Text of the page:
For John Heuer

A lot of people have written about what a sweet, loving, determined, and genuinely good person John was. These qualities are surely part of what made John such an endearing and effective political actor. I want to focus on some of his other qualities, which haven’t received as much attention and are just as crucial to building an effective peace movement.

John was a great connector of people. In my case, he connected me to Veterans For Peace, the Orange County Peace Coalition, and to the web maven for the Full Disclosure Campaign (for an Honest Commemoration of the Vietnam War). He did all this effortlessly and generously. I became one of many who were part of John’s network. He could talk to pacifists, militants, hippies, church people, rural people, furniture makers and people of color with sincere solidarity. For the 2014 Asheville VFP convention, he met with Cherokee elders who welcomed VFPers to their traditional lands. He pulled together the multiple strands of the North Carolina peace movement. These connections were not happenstance, but represented John’s well-honed sense of how to bring people in, focus people’s strengths to bear on important work, and build unity among diverse forces and organizations. His open-ness resonated, welcoming people and putting them to work. John had strong principles, but was no sectarian, understanding that peoples’ strengths and weaknesses were often interconnected. And that almost everyone had a useful niche and role to play.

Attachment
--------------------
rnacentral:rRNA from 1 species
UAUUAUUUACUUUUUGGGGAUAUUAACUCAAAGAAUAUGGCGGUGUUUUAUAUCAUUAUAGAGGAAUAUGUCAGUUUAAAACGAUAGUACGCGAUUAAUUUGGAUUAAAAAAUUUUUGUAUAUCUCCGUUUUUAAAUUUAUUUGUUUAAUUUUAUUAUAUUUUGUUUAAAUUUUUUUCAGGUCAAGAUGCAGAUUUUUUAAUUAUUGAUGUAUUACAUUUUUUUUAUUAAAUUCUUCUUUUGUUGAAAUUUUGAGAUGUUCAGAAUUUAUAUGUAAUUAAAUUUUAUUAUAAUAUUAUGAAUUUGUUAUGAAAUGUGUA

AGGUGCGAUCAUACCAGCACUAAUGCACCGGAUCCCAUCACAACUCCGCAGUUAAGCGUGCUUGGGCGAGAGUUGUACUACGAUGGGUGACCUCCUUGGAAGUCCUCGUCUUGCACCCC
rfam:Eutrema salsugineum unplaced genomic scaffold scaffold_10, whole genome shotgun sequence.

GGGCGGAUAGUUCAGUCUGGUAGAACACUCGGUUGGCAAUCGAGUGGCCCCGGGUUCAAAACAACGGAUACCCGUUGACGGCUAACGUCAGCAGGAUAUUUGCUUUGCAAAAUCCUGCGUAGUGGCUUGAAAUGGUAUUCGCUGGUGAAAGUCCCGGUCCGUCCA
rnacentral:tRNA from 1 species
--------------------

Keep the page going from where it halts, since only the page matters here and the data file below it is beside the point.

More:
On long-distance drives to the mountains or DC, John would inform me about who was doing what where. He understood that sharing information, contacts, perspectives would build our movement and also help others understand the multiple perspectives of different constituencies. He was able to work effectively with people others found difficult and I was sometimes relieved to hear the occasional complaint. The point of his complaining was not to demean, but to get underneath the many contradictions that divide us and limit our effectiveness.

I will miss our bi-monthly lunches. In the past few years, after some prodding, he would list his many maladies and confess that he should have paid them closer attention sooner. We shared the inevitable health conversations that open up most conversations between old codgers. But then we would get to the latest scoops; plot how to get people out of their isolated silos, and in particular try to figure out how to better connect the struggle for peace to the struggle for racial justice.

So let’s remember John’s friendly disposition, his low-key determination, and long-term dedication. But let us not forget his exemplary political skills in leading our movement, deepening our consciousness, and broadening our base. All of him needs to be celebrated, emulated and built upon.

Howie Machtinger